Tuesday, June 26, 2012

Book Review: Bitter Seeds

Bitter Seeds was one of those books that came out a couple of years ago and got a whole bunch of really great reviews.  It went on my list of books to read in the near future, and eventually I got my grimy mitts on it.  Sure, I'm a couple years late to the party, but I'll be damned if Bitter Seeds isn't one hell of a party.

Set during the World War II era, Bitter Seeds follows Raybould Marsh, a British Spy who, while on a mission in Spain, spots a German woman who appears to have wires going into her head.  Before too long, the German Blitzkreig is in full swing, and many of the German victories have been aided by special soldiers who have strange and powerful abilities.  These special soldiers are WWI orphans and the products of a decades-spanning mad science experiment by a deranged Nazi scientist. This scientist has given the orphans such abilities as fire starting, super strength, intangibility, invisibility, and precognition.

With the help of some stolen intelligence, Marsh and the Britons discover the existence of these super soldiers who are tilting the scales of war in Germany's favor. In order to combat these mad-science soldiers, Marsh calls upon an old college friend, a magic-wielding aristocrat, who in turn enlists other sorcerers to the cause.  With total Nazi domination threatening the entire European/Asian land mass, the British marshal their magical forces to stave off the invasion.  However, both sides might just be mere pawns in a large scale game being manipulated by Gretel, the German precognitive.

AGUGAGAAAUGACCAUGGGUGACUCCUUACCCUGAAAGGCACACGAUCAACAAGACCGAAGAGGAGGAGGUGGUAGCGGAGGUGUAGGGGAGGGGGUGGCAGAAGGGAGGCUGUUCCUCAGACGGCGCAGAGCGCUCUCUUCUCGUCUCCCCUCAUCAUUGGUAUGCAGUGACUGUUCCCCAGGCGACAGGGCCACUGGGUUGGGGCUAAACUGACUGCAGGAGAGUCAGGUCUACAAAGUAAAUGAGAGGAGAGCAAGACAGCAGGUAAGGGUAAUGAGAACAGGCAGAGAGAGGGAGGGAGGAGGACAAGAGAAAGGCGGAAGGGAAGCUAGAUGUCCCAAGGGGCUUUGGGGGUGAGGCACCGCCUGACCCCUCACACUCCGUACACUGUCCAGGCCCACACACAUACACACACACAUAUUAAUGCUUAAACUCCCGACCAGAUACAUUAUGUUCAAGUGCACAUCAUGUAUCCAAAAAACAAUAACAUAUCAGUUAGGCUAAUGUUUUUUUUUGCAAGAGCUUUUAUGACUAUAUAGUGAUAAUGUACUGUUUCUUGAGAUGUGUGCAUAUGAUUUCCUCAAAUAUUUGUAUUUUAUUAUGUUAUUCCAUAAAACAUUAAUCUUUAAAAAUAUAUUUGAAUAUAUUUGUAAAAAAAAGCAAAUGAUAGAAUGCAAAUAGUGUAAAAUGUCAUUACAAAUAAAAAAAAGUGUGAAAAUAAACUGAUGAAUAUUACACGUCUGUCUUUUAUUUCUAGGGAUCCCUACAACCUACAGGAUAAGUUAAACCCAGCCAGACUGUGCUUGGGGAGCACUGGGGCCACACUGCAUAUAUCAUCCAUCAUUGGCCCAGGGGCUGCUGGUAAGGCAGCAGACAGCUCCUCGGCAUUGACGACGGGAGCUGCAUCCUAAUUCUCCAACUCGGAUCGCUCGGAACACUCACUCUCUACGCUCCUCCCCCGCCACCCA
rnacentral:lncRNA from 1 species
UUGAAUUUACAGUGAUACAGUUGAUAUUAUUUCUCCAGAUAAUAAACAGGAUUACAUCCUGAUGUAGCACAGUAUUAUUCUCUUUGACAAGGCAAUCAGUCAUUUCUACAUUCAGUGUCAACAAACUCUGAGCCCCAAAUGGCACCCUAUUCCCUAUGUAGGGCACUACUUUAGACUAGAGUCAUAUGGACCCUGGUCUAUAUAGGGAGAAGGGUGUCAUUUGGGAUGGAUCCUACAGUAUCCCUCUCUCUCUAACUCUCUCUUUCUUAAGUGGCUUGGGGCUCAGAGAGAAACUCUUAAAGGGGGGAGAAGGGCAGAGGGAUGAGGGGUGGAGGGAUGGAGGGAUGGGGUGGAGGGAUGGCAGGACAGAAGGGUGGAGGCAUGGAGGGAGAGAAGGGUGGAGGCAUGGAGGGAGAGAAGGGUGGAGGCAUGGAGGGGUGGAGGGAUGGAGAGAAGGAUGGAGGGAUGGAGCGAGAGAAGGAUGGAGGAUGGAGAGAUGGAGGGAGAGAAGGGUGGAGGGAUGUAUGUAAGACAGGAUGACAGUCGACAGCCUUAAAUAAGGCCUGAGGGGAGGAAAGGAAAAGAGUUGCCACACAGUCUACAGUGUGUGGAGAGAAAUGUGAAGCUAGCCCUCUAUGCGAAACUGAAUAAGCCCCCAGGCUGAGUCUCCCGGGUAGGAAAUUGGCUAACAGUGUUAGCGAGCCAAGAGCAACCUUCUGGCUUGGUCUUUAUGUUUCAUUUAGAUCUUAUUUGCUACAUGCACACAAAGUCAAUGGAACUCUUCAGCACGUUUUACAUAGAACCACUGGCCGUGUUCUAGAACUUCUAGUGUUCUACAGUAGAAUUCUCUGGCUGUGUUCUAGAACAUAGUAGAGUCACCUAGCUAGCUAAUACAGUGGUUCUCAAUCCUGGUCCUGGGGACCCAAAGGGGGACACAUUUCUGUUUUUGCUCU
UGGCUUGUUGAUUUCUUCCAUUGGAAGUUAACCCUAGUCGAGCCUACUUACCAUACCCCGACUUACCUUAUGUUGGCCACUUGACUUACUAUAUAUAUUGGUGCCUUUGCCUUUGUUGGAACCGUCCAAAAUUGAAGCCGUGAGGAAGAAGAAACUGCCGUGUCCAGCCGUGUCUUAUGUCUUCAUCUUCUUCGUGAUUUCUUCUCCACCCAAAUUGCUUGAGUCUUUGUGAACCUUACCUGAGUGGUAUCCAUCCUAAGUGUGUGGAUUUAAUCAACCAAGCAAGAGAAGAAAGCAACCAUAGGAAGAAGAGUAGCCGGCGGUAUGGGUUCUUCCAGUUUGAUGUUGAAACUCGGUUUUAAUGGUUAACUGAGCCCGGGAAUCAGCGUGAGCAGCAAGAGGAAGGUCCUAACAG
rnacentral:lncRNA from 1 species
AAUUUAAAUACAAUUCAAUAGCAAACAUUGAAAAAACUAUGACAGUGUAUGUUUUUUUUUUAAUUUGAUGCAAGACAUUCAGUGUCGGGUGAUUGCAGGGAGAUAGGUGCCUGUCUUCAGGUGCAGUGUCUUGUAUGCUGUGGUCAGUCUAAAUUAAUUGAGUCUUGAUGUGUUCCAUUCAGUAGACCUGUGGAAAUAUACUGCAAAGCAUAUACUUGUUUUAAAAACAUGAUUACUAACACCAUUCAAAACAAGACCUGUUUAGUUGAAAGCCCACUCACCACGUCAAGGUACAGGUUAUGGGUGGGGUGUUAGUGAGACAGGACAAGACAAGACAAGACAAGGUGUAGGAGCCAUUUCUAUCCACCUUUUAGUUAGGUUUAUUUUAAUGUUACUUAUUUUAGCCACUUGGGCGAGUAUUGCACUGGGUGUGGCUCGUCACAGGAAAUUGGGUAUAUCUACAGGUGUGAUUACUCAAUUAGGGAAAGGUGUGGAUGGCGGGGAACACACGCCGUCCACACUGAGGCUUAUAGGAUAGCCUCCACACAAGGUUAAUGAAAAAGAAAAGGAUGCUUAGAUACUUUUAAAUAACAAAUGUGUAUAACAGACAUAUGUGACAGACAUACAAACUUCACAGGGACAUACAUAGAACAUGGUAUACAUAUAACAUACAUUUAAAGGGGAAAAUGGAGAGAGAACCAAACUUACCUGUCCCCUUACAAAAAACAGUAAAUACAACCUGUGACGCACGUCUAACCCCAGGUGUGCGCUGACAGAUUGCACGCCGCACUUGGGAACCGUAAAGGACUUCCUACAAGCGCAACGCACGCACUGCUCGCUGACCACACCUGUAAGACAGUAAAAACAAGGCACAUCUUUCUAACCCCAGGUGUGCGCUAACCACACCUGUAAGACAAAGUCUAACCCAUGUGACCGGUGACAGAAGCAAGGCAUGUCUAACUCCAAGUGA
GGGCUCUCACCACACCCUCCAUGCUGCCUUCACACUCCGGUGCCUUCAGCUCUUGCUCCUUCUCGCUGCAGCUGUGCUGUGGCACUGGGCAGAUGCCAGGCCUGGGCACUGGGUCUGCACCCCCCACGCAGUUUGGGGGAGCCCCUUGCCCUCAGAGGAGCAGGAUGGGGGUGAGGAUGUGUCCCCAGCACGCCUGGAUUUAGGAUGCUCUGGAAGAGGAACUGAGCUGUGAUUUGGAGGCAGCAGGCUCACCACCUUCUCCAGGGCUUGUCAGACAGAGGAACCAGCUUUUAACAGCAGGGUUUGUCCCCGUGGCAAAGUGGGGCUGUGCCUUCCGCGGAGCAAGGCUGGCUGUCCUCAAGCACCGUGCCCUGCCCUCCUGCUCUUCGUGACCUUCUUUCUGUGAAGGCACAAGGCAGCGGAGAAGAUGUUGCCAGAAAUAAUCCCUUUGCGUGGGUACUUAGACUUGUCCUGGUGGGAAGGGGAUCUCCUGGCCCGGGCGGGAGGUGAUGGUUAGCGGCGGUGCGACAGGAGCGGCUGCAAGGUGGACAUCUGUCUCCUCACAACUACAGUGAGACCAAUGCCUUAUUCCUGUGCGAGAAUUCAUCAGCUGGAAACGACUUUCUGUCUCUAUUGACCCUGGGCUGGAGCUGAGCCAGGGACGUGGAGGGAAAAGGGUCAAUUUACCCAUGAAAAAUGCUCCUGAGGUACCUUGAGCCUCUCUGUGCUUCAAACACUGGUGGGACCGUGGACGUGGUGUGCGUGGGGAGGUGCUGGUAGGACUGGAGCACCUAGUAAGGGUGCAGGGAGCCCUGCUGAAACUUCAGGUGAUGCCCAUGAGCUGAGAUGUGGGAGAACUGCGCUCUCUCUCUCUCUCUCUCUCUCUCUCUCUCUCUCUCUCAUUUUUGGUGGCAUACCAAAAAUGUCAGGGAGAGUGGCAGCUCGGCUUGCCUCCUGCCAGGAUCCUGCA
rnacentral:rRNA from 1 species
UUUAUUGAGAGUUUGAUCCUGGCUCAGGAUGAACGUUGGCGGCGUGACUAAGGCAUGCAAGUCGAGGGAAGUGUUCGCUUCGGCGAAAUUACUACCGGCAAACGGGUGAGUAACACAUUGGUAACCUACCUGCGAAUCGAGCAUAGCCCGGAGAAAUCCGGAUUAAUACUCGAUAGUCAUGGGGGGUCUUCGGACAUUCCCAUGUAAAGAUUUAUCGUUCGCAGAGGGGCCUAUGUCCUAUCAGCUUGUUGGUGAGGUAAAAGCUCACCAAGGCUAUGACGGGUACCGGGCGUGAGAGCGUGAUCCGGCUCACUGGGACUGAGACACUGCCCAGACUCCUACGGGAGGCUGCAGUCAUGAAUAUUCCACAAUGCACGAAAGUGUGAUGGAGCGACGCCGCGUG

To say that I was impressed by this debut is putting it very lightly.  Sure, I had heard lots of high praise about this book, but even with raised expectations, I was still quite impressed.  Even though it is easy to paint every Nazi character in every work of fiction as a pure baddie through and through, I felt that Tregillis did a great job of developing his German characters so that they were quite compelling and believable, and not just caricatures of the typical "evil Nazi" prototype bad-guy.

In fact, I would easily say that I found the German characters, particularly the altered-by-mad-science ones to be the most interesting and fun to read characters in the book.  That being said, all the characters that populate this book are quite well done.  The character arcs in this novel are quite good, and it was interesting to see how much the events of the story changed the characters.  

The most notable character is the German pre-cog, Gretel.  Simply put, she is one of the most fascinating and mysterious characters I've ever come across.  There is certainly more than meets the eye with this woman, and I, (along with many of the characters in the book), don't really know what game she is playing, but I'm pretty well convinced that the results wont be pretty.  

I think there is a tendency among fantasy readers to always be looking for the "next best thing".  As a result, lots of fantasy debuts, and some debut authors, get far more attention than their work warrants, and often far more attention than established authors get.  This is one of those strange phenomenons I don't really care for, or totally understand.  However... this is a really flippin' great debut!  Treggillis is full of cool, new ideas, his plot is sharp, with very few slow points or spots where my interest waned, and as I said before, his characters are great.  

It's not so often that I read the first book in a series and come out the other end super excited for the next installment, but this is certainly one of those times.  Tregillis has a great start to what looks like a great fantasy series.  If you haven't yet had the chance to read this one, I highly recommend you to remedy that situation immediately.  

Grade: A

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